Opinion

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Letter

Let’s Modernize NAFTA, but ‘First, Do No Harm’

Canada and Mexico are our best customers in the world

There’s a simple rule in business: Keep your customers close. It’s a rule that Montanans need elected officials in Washington, D.C., to keep in mind as they go about modernizing the North American Free Trade Agreement (NAFTA).

Modernizing NAFTA makes a lot of sense. The agreement is 25 years old, and in some ways it’s showing its age.

However, threats to withdraw from the agreement are unrealistic and downright dangerous. The reason is simple: Trade with Canada and Mexico supports 14 million American jobs, including 40,000 jobs here in Montana.

In fact, nearly half (48 percent) of Montana exports are destined for customers in Canada and Mexico, generating more than $650 million in export revenue.

As we roll up our sleeves to modernize NAFTA, we should remember the Hippocratic Oath: “First, do no harm.” We should build on what’s working in our trade relationships with Canada and Mexico and fix what isn’t.

Agricultural exports to Canada and Mexico have quadrupled under the agreement, generating big benefits for Montana.

Wheat is our state’s largest agricultural export, which underscores the importance of maintaining access to customers in Mexico, a top market for U.S. wheat exports. However, Mexican wheat tariffs could rise from zero to 67 percent if the United States withdraws from NAFTA, likely driving sales to wheat growers in Canada, France, and elsewhere.

Canada and Mexico are the top two markets in the world for U.S.-made manufactured goods, with purchases of nearly a half-trillion dollars last year – a sum that tops the next 10 largest markets combined.

Also among the biggest beneficiaries of this commerce are America’s small and medium-sized businesses, 125,000 of which sell their goods and services to Mexico and Canada.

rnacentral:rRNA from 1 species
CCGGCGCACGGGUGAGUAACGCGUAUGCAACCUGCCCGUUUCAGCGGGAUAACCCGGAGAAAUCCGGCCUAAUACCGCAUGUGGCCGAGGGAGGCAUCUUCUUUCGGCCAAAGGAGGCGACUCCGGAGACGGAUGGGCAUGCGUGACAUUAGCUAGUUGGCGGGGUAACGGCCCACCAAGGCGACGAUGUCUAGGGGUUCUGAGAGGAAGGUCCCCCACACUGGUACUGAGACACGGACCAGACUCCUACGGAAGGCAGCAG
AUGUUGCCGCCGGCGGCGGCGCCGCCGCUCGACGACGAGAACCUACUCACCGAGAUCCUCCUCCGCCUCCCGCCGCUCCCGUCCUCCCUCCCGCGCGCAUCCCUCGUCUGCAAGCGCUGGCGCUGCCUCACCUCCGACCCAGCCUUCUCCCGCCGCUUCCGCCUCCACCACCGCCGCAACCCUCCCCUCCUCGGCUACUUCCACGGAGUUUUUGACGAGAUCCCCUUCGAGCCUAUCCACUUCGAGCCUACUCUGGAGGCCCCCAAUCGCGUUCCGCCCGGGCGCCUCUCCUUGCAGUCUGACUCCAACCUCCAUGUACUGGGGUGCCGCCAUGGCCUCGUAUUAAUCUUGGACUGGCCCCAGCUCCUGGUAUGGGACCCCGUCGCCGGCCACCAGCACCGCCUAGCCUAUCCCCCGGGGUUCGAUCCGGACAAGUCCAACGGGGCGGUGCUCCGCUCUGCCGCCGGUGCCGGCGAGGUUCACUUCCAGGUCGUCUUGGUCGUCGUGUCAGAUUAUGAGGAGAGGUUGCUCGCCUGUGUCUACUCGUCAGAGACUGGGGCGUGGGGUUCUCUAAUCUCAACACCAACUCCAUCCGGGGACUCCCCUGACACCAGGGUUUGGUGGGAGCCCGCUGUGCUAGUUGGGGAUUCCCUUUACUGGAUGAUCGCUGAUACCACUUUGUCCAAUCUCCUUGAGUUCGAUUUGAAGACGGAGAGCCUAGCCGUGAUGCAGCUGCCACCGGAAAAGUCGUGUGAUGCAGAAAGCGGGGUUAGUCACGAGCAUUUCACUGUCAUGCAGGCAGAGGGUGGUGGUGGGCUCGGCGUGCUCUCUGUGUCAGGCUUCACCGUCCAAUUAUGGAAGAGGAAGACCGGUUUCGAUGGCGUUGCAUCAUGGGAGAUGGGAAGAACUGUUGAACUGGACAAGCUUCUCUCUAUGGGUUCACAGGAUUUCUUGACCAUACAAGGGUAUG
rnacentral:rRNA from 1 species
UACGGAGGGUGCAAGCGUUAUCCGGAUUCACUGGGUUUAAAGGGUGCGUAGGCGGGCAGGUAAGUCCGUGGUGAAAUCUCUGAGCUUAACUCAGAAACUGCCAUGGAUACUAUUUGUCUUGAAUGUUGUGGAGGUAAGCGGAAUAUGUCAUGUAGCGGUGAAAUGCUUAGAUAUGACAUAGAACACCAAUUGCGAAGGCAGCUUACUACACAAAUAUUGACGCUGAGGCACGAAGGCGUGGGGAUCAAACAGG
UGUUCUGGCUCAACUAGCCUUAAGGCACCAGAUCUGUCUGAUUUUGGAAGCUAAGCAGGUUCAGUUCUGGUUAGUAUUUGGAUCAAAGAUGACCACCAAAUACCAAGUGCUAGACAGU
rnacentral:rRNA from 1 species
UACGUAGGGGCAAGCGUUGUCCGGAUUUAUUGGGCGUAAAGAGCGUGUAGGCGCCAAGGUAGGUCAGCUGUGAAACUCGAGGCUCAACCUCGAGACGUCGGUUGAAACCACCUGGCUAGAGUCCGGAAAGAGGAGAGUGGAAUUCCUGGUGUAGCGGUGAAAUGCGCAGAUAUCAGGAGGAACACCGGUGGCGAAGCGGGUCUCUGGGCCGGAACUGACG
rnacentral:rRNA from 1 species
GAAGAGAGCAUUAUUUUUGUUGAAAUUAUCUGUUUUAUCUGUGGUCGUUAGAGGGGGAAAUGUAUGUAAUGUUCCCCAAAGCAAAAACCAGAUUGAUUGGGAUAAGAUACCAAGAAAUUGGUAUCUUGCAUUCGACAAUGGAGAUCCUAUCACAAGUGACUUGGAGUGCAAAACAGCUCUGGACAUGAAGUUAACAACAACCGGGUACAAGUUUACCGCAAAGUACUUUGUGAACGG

Again, modernizing NAFTA makes a world of sense. To give one example, NAFTA was negotiated back when the internet was a toy for scientists. Today, it’s a superhighway for American exporters. NAFTA should include rules that take e-commerce into account.

But ask Gordon Stoner, who grows wheat on his farm near Outlook, Montana, and he’ll insist on the “do no harm” message. “Wheat, as are many crops in America, is facing low prices and high surplus,” he writes. “Our farm economy is struggling, and we look to current and new trade markets to sell our high-quality product.” Even threatening to withdraw from NAFTA has imposed costs on Montana wheat farmers, he explains.

You wouldn’t know it from the current debate about trade, but half of all Canadian and Mexican imports are “made-in-the-USA.” In fact, the United States recorded a trade surplus of $12 billion with Canada and Mexico in 2016 when manufactured goods and services are combined.

Canada and Mexico are our best customers in the world. We need to keep it that way. So by all means, let’s modernize NAFTA. But let’s build on what we’ve got – and keep what’s working.

Joe Unterreiner, president
Kalispell Chamber of Commerce

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